Experiences of Writing, Formal Writing, Inspiration

Why Write?


Why write?

It’s a simple question, and I’m pretty certain that if you were able to invade enough homes without being arrested to rustle up a group of 50 writers (we’re not generally a wild roaming species, you see), you would get 50 different answers to that very simple and innocuous question.

‘Because I want to’, ‘Because it pays my bills’, ‘Because I have a story to tell’, ‘Because I want to make people smile’, ‘Because I want to be remembered’, ‘Because it’s my passion’, ‘Because it’s what I’m good at’, ‘Because it gives me a feeling of accomplishment’, ‘Because I like it.’

Lots of reasons, lots of different answers. Are any of them right, or wrong? Or maybe more right than the others? I don’t think so. On an individual or personal level, why people write is personal and thus correct no matter the reason, and I am simply glad people do want to write.


Where I think the question gets genuinely interesting is when we apply it to our entire species, all at once.

Why do people write? What is it about humanity that we have felt the need to tell stories for such a long time?
Sure, go back far enough and storytelling was both a way to pass on information, remember events, and bring people together in a time before organized media. Stories had a ‘use’, with a physical outcome (stories of Ulrik the Great Tracker told to teach his grandsons how to find food for the tribe, that sort of thing).
But what about fantasy stories? And why are we still telling them now, when we don’t have a measurable need for that sort of information any longer?

I think the answer is simply that after so long, we are built to digest the information given in story form better than any other method save for personal experience and it fulfills something in us that is both ephemeral and supremely important to what it is to be human.

In terms of gravitating towards stories to aid memory and learning, we can consider that it’s a known fact that advice or information given in rhyme is retained more consistently and people are more likely to agree with it than if its stated more blandly. For example, the old advice about poisonous snake colors: ‘Red by yellow kills a fellow, but red by black is a friend of Jack’ is something most people have heard and can recall. It’s certainly more memorable than ‘venomous snakes are often mimicked by non-venomous species, so you should not touch snakes colored in bands of red, yellow and black, but snakes of red, black and yellow are harmless’.

In terms of the second part, and fulfilling something more ephemeral, I think it is worth looking at how we differ from other very intelligent Earth species. Animals like elephants and dolphins are known to be very smart, going so far as mourning the dead, or deliberately seeking out substances to get ‘high’. (No, I’m not kidding. Read about dolphins and puffer fish here. They even ‘puff, puff, pass’, you can thank my husband for that horrible joke.)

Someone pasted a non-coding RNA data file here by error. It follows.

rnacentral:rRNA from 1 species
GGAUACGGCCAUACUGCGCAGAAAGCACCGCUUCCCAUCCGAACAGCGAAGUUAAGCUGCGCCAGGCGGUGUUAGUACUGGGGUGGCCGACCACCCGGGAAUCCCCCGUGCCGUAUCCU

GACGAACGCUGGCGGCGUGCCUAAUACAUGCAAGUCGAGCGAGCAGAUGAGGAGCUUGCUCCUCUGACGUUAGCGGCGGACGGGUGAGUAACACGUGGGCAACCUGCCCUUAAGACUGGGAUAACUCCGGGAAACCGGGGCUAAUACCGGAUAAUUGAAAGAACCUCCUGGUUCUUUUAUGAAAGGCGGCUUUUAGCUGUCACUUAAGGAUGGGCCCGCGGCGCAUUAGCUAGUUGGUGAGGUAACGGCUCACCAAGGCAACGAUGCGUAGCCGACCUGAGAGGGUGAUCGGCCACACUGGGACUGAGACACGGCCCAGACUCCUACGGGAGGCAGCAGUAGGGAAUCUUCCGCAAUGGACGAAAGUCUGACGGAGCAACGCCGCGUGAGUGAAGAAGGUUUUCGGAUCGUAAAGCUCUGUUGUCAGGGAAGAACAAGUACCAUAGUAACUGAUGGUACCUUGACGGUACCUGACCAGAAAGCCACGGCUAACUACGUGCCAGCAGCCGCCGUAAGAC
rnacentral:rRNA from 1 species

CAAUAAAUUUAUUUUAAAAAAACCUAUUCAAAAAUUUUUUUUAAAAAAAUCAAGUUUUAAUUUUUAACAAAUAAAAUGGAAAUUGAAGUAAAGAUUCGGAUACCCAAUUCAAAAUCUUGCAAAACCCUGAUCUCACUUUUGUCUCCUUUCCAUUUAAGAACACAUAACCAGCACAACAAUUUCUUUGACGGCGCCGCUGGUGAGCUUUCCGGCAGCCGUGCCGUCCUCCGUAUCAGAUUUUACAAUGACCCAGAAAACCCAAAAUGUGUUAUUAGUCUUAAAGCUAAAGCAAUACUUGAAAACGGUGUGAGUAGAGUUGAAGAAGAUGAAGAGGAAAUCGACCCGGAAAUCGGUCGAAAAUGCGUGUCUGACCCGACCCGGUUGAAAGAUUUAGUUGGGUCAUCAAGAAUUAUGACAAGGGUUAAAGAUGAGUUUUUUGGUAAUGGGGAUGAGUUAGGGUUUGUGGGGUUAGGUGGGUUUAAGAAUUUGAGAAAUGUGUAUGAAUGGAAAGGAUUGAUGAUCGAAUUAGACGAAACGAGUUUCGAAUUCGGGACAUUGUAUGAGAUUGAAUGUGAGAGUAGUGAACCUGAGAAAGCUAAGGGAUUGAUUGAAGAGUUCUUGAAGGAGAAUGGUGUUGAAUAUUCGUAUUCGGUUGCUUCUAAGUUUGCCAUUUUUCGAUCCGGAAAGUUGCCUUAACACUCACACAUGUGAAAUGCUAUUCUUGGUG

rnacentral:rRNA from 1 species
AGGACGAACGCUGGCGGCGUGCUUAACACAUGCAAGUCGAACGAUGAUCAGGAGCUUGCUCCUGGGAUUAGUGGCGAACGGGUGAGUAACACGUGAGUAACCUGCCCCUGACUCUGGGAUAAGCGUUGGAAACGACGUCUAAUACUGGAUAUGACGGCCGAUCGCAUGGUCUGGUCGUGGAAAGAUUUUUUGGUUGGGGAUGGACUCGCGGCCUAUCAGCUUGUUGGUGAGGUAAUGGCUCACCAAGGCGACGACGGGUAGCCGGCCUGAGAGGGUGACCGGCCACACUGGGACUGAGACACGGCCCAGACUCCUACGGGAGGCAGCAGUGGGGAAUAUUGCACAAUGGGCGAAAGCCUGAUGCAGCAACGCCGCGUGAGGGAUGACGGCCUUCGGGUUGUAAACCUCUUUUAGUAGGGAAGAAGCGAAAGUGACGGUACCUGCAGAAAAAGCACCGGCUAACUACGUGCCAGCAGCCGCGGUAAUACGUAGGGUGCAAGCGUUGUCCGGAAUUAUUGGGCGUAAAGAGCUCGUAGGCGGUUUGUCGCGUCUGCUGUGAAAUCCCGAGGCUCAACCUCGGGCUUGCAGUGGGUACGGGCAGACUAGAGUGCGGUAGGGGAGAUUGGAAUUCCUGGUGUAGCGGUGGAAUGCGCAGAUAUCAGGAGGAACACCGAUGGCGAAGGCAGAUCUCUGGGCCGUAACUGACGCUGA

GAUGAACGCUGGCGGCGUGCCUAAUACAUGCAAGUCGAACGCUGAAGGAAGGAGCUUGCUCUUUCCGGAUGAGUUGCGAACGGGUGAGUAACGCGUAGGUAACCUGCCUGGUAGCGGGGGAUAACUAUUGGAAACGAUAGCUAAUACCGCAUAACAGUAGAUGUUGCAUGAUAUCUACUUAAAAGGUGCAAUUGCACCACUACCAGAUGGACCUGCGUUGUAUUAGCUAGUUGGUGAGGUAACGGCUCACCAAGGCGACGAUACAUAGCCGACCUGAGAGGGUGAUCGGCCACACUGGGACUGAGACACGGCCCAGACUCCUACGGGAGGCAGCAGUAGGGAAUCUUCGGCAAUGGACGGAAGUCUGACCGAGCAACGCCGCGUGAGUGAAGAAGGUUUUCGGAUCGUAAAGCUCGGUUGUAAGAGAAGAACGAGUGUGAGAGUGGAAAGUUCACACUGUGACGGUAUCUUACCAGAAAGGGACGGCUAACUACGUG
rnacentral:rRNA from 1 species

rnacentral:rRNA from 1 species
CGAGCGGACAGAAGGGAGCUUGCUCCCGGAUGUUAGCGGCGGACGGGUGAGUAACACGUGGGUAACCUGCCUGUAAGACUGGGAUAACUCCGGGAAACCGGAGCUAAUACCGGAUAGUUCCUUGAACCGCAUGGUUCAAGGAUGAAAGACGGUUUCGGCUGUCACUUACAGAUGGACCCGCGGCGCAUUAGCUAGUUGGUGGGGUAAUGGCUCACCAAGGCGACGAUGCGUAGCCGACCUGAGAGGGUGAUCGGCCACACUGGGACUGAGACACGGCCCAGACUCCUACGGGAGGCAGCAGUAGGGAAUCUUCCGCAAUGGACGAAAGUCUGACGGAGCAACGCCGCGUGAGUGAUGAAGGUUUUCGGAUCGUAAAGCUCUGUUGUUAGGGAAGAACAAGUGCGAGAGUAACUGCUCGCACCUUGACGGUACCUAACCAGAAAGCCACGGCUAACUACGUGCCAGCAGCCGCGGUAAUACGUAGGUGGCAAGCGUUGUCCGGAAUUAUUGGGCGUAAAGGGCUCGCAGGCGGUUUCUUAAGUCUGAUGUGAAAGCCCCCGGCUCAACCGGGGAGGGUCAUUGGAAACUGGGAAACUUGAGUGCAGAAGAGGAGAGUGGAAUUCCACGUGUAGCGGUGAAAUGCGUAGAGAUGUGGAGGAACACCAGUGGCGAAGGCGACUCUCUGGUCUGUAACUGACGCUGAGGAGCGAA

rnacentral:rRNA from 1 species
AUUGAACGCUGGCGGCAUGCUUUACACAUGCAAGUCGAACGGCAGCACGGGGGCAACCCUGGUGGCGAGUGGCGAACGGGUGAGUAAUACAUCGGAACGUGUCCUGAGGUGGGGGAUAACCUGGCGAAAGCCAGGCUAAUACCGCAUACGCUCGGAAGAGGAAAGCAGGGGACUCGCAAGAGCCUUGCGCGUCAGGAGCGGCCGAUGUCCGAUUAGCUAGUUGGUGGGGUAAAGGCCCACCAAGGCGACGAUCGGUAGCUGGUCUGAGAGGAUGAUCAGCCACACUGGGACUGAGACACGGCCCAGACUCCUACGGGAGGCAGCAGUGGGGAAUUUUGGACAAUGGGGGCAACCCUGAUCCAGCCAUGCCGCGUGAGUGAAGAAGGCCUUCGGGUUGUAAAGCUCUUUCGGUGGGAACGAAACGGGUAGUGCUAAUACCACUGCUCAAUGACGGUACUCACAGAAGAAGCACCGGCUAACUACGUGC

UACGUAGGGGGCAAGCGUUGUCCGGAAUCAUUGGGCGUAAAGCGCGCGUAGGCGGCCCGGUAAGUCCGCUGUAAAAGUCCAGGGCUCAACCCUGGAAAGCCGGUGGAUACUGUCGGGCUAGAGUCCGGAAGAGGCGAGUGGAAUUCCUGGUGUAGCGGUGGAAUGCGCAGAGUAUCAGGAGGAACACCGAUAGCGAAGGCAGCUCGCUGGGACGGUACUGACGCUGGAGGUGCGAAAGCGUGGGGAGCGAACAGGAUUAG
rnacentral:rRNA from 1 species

Yet, in spite of this clear intelligence and the social bonding these animals possess, they do not have the ability to leave long-term records of their thoughts in the form of written stories.

I’m not discounting the possibility that maybe some of those squeaks and trumpets are storytelling for these animals or some similar communication equivalent, I really don’t (and can’t) know seeing as I am lacking in a degree in Elephantese, but even if they were able to tell each other stories, they are creatures sadly limited to the old word of mouth tales of our much earlier ancestors.

Uniquely of all species, humans have brains to think the stories up and the limbs and tools to write it all down. We can literally transpose our thoughts and ideas, our personal perceptions and memories, onto a surface that can outlast our own selves, connecting people of the past and future as well as connecting the private thoughts of one individual to another.

Image result for sharing a book royalty free

That is an incredible, and special, thing. It gives us a capacity for learning and understanding beyond any other animal, and most importantly… helps us empathize.

Ultimately, I think that is why we write, as a species. We have a capacity to connect with each other through words that is unparalleled on this Earth, whether we write down knowledge, imaginings, or experiences. We have the drive to share, and to receive, the thoughts of our fellow man. Even those who choose not to read and prefer movies, painting, photographs, are responding to that same base programming that makes us seek out the physical representations of other people’s thoughts. It’s interesting, and all grain for the thinking mill.

In this way, fantasy is as viable as scientific journals or personal accounts – it is still linking us to other people, and pushing us to think about what could be, and how others perceive our world. True, fantasy often uses the framework of escapism, either to explore an idea in a vacuum away from reality, or to illustrate a point in a way it could not be handled by more ‘mundane’ writing, but it’s still calling out to that ‘human’ element we all have that is hard to put into words. It is still working on that core part of us that remembers the useful snake rhyme, or how Ulrik became the greatest hunter.


Why write?

Because I have a story to tell, like thousands before me, and because it makes my heart sing, especially if I make someone else smile. I write because it lets me connect with others, and share my deepest thoughts without stumbling over myself.

I write because I like it… and I hope, if you ever read my stories… you will like them too.


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